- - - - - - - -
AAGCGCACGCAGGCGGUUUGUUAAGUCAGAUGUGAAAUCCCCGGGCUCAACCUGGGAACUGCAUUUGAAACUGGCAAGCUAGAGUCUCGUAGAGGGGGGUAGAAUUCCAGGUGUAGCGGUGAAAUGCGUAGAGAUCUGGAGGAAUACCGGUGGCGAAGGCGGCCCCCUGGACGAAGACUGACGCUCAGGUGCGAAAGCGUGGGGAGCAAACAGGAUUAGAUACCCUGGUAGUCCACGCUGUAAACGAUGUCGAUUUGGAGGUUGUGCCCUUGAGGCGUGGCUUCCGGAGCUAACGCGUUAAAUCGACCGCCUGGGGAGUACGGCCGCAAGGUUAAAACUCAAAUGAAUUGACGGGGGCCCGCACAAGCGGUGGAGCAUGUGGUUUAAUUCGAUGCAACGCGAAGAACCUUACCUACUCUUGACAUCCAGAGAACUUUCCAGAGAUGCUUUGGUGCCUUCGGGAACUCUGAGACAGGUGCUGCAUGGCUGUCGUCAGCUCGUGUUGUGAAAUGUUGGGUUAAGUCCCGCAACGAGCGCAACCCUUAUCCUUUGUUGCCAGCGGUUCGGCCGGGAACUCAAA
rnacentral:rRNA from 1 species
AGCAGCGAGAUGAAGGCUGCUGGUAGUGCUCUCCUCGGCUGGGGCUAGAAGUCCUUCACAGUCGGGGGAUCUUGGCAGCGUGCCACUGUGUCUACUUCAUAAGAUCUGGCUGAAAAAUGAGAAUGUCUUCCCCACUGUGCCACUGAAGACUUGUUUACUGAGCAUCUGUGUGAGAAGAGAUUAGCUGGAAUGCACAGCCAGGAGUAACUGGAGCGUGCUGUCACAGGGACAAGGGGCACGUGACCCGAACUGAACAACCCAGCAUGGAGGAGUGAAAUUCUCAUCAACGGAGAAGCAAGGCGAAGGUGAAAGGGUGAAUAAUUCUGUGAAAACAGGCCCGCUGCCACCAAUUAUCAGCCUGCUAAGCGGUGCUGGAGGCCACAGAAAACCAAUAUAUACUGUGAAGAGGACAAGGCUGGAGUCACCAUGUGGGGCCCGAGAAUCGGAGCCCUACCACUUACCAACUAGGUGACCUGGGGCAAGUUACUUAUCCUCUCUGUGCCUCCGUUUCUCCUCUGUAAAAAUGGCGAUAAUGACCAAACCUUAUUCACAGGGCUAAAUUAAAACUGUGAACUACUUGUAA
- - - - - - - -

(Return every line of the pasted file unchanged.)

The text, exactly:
AAGCGCACGCAGGCGGUUUGUUAAGUCAGAUGUGAAAUCCCCGGGCUCAACCUGGGAACUGCAUUUGAAACUGGCAAGCUAGAGUCUCGUAGAGGGGGGUAGAAUUCCAGGUGUAGCGGUGAAAUGCGUAGAGAUCUGGAGGAAUACCGGUGGCGAAGGCGGCCCCCUGGACGAAGACUGACGCUCAGGUGCGAAAGCGUGGGGAGCAAACAGGAUUAGAUACCCUGGUAGUCCACGCUGUAAACGAUGUCGAUUUGGAGGUUGUGCCCUUGAGGCGUGGCUUCCGGAGCUAACGCGUUAAAUCGACCGCCUGGGGAGUACGGCCGCAAGGUUAAAACUCAAAUGAAUUGACGGGGGCCCGCACAAGCGGUGGAGCAUGUGGUUUAAUUCGAUGCAACGCGAAGAACCUUACCUACUCUUGACAUCCAGAGAACUUUCCAGAGAUGCUUUGGUGCCUUCGGGAACUCUGAGACAGGUGCUGCAUGGCUGUCGUCAGCUCGUGUUGUGAAAUGUUGGGUUAAGUCCCGCAACGAGCGCAACCCUUAUCCUUUGUUGCCAGCGGUUCGGCCGGGAACUCAAA
rnacentral:rRNA from 1 species
AGCAGCGAGAUGAAGGCUGCUGGUAGUGCUCUCCUCGGCUGGGGCUAGAAGUCCUUCACAGUCGGGGGAUCUUGGCAGCGUGCCACUGUGUCUACUUCAUAAGAUCUGGCUGAAAAAUGAGAAUGUCUUCCCCACUGUGCCACUGAAGACUUGUUUACUGAGCAUCUGUGUGAGAAGAGAUUAGCUGGAAUGCACAGCCAGGAGUAACUGGAGCGUGCUGUCACAGGGACAAGGGGCACGUGACCCGAACUGAACAACCCAGCAUGGAGGAGUGAAAUUCUCAUCAACGGAGAAGCAAGGCGAAGGUGAAAGGGUGAAUAAUUCUGUGAAAACAGGCCCGCUGCCACCAAUUAUCAGCCUGCUAAGCGGUGCUGGAGGCCACAGAAAACCAAUAUAUACUGUGAAGAGGACAAGGCUGGAGUCACCAUGUGGGGCCCGAGAAUCGGAGCCCUACCACUUACCAACUAGGUGACCUGGGGCAAGUUACUUAUCCUCUCUGUGCCUCCGUUUCUCCUCUGUAAAAAUGGCGAUAAUGACCAAACCUUAUUCACAGGGCUAAAUUAAAACUGUGAACUACUUGUAA